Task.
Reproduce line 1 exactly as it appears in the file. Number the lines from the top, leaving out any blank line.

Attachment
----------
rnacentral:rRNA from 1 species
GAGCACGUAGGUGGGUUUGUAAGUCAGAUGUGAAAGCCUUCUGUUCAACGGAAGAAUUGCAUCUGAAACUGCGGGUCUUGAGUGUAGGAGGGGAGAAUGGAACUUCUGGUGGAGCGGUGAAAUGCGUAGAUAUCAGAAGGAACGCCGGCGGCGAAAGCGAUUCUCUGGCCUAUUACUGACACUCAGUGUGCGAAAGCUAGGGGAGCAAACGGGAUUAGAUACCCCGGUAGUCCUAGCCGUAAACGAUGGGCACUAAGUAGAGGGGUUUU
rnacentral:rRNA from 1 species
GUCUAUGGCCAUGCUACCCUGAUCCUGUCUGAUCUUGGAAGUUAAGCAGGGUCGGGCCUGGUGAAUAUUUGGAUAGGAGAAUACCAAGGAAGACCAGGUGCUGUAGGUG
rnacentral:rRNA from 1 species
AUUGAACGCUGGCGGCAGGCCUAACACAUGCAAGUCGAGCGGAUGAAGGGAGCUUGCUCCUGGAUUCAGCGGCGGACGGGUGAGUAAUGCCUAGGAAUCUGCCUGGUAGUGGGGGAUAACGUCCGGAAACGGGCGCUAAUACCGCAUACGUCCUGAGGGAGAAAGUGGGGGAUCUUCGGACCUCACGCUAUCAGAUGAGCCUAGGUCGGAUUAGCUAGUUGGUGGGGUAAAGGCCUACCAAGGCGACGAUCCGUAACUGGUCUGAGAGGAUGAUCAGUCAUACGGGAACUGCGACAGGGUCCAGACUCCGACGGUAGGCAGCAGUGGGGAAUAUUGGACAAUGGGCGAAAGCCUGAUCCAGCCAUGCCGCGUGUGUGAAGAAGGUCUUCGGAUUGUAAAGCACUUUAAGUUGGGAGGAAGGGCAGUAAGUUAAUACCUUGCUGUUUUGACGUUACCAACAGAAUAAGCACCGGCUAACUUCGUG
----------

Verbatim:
rnacentral:rRNA from 1 species